In a brutal effort to ‘clear the streets’ of the LGBT+ community, security forces are entrapping Egyptians using dating apps, throwing them into jail, and subjecting them to systematic torture and abuse, a new report has found.
Using social media and apps such as Grindr, Egyptian police are creating fake profiles that they use to meet gay, lesbian, bi and trans people, at which point they are picked up off the street and arbitrarily arrested, Human Rights Watch said on Thursday. Police then unlawfully search through the content of their phones to justify keeping them in detention and bring charges against them.
“Yasser”, 27, told the group he was arrested when he met another man in Giza Center City after chatting with him on Grindr, a same-sex dating application.
“When they came back with a police report, I was surprised to see the guy I met on Grindr is one of the officers. They beat me and cursed me until I signed papers that said I was ‘practicing debauchery’ and publicly announcing it to fulfill my ‘unnatural sexual desires’.”
While in detention, all of the fifteen people interviewed by the rights group said security forces subjected them to physical and verbal abuse, “ranging from slapping to being water-hosed and tied up for days”.
Political activist and transgender woman Malak el-Kashif, 20, says she was arrested and “put in a cage-like cell” the size of a freezer after attending a protest in March 2019. Security forces questioned her about her private life, her sex-reassignment surgery and her relationship with other activists, she said.
“I suffered the worst verbal abuse I have ever encountered by police officers and they forbade me from going to the bathroom for two days. They subjected me to a forced anal exam. They sexually assaulted me,” she said.
Eight were victims of sexual violence while five were forced to undergo anal examinations, the New York-based rights watchdog said.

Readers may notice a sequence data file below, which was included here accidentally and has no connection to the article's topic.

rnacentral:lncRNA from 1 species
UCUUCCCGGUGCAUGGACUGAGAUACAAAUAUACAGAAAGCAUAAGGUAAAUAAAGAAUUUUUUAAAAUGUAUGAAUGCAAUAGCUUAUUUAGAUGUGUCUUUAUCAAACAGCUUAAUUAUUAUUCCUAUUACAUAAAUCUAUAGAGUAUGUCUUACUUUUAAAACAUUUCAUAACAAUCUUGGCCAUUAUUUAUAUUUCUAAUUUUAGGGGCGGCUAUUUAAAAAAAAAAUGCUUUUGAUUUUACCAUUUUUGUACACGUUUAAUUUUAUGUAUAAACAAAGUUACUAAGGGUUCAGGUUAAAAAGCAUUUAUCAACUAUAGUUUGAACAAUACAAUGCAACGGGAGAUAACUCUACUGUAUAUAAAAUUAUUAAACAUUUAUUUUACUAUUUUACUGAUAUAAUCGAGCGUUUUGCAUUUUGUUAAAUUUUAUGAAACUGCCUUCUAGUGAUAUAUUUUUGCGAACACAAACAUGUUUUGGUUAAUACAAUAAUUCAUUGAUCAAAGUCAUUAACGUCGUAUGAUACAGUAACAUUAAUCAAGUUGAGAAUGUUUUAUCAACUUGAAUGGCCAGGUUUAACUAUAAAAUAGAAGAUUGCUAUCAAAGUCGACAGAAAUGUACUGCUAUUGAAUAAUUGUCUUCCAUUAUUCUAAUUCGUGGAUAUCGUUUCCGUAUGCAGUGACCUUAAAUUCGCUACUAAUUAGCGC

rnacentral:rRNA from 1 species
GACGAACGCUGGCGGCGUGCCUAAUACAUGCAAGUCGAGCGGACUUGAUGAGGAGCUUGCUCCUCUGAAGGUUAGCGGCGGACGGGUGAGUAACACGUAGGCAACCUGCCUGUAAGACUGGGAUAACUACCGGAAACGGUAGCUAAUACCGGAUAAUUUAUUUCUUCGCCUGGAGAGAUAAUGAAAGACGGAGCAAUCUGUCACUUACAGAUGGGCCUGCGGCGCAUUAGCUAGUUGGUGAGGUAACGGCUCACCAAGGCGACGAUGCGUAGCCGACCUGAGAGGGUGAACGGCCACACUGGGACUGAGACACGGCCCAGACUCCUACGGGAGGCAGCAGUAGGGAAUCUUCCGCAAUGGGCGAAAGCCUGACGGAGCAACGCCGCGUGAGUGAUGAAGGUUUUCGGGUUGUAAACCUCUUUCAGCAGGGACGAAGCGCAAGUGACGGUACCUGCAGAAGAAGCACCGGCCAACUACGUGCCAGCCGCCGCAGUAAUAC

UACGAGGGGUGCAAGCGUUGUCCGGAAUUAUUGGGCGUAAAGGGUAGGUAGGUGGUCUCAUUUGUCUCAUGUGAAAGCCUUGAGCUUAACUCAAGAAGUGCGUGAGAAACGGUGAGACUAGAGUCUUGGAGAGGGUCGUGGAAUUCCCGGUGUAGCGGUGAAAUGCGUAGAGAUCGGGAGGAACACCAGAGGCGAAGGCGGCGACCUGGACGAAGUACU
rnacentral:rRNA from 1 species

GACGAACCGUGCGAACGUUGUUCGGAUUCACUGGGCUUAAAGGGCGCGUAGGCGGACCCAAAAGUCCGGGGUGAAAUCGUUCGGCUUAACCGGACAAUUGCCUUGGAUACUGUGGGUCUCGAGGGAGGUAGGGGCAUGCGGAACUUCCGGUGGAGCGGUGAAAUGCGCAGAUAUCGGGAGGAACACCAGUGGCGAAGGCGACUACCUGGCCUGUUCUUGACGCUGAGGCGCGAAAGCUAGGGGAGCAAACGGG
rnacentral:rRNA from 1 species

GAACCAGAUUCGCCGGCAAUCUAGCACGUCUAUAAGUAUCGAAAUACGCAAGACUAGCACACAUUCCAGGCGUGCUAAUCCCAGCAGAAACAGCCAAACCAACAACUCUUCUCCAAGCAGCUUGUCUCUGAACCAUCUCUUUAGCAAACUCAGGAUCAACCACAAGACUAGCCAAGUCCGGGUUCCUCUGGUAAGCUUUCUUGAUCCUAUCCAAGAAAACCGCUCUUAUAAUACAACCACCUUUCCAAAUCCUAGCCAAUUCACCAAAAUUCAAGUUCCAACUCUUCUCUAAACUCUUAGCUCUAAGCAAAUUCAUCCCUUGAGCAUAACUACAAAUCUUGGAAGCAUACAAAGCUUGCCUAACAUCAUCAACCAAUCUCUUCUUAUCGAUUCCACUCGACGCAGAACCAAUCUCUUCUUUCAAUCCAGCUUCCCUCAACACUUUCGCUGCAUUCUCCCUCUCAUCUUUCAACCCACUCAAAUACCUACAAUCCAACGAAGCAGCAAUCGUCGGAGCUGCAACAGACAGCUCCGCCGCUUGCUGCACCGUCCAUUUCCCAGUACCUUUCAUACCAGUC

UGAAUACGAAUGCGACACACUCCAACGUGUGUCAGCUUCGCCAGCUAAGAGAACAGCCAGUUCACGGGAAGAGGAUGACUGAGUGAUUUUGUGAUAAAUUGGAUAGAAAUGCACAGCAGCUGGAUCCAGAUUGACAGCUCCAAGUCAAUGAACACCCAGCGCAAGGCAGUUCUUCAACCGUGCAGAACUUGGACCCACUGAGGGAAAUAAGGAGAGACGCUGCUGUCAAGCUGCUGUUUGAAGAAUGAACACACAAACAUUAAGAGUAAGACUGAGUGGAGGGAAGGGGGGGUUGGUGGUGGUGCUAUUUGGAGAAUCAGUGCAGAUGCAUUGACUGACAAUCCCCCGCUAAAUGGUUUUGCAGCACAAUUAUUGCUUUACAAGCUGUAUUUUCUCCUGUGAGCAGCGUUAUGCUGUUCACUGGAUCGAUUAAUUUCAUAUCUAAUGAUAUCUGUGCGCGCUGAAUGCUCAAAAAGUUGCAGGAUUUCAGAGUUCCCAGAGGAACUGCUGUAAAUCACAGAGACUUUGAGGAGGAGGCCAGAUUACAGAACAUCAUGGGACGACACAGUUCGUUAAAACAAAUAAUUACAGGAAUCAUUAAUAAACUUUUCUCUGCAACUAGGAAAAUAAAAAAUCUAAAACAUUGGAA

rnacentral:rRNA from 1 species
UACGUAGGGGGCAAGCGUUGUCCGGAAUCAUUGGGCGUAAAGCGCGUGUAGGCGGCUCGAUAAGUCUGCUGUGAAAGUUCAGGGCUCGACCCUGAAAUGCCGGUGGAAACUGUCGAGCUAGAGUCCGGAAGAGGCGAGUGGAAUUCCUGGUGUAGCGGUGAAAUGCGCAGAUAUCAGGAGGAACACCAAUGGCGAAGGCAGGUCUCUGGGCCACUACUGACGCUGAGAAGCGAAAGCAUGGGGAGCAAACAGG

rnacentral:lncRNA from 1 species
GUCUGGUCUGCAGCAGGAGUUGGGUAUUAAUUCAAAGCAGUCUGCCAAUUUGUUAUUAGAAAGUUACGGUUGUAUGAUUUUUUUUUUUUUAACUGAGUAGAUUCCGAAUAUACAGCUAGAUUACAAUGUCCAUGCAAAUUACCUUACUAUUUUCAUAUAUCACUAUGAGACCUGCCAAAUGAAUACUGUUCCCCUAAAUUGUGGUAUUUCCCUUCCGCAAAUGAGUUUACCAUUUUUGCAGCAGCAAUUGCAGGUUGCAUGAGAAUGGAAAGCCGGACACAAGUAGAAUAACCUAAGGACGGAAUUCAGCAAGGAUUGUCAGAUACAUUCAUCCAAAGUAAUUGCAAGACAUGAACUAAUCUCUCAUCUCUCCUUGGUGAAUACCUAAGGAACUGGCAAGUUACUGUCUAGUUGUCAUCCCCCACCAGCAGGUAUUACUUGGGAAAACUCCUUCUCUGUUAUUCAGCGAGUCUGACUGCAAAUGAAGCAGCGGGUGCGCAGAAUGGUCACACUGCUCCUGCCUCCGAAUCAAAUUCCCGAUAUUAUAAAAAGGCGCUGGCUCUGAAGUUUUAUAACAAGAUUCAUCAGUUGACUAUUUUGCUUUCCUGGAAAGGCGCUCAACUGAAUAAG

One 28-year-old trans activist said she bled for three days after police officers subjected her to forced vaginal and anal examinations as part of so-called “virginity” tests, according to the report.
Another of the victims, “Alaa”, says he is now forced to use a crutch because of injuries from being brutally beaten and serially raped by other detainees.
“‘Virginity’ and anal tests constitute cruel, degrading, and inhuman treatment that can rise to the level of torture and sexual assault under international human rights law,” HRW said.
The attacks come amid a fierce anti-LGBT crackdown in the country following the 2017 Mashrou’ Leila concert, when a picture of Sarah Hegazy raising a rainbow flag among the crowd was widely circulated. She was quickly detained by police, who tortured her for months and incited fellow detainees to beat and sexually assault her. Hegazy killed herself three years later, sending waves of shock and solidarity worldwide.
Rights groups say that since the concert authorities have stepped up arrests and prosecutions against LGBT+ people using vague discriminatory ‘debauchery’ and ‘prostitution’ laws.
“Egyptian authorities seem to be competing for the worst record on rights violations against LGBT+ people in the region, while the international silence is appalling,” said Rasha Younes, HRW’s LGBT+ rights researcher for the Middle East and North Africa.
“Egypt’s partners should halt support to its abusive security forces until the country takes effective steps to end this cycle of abuse, so that LGBT+ people can live freely in their country.”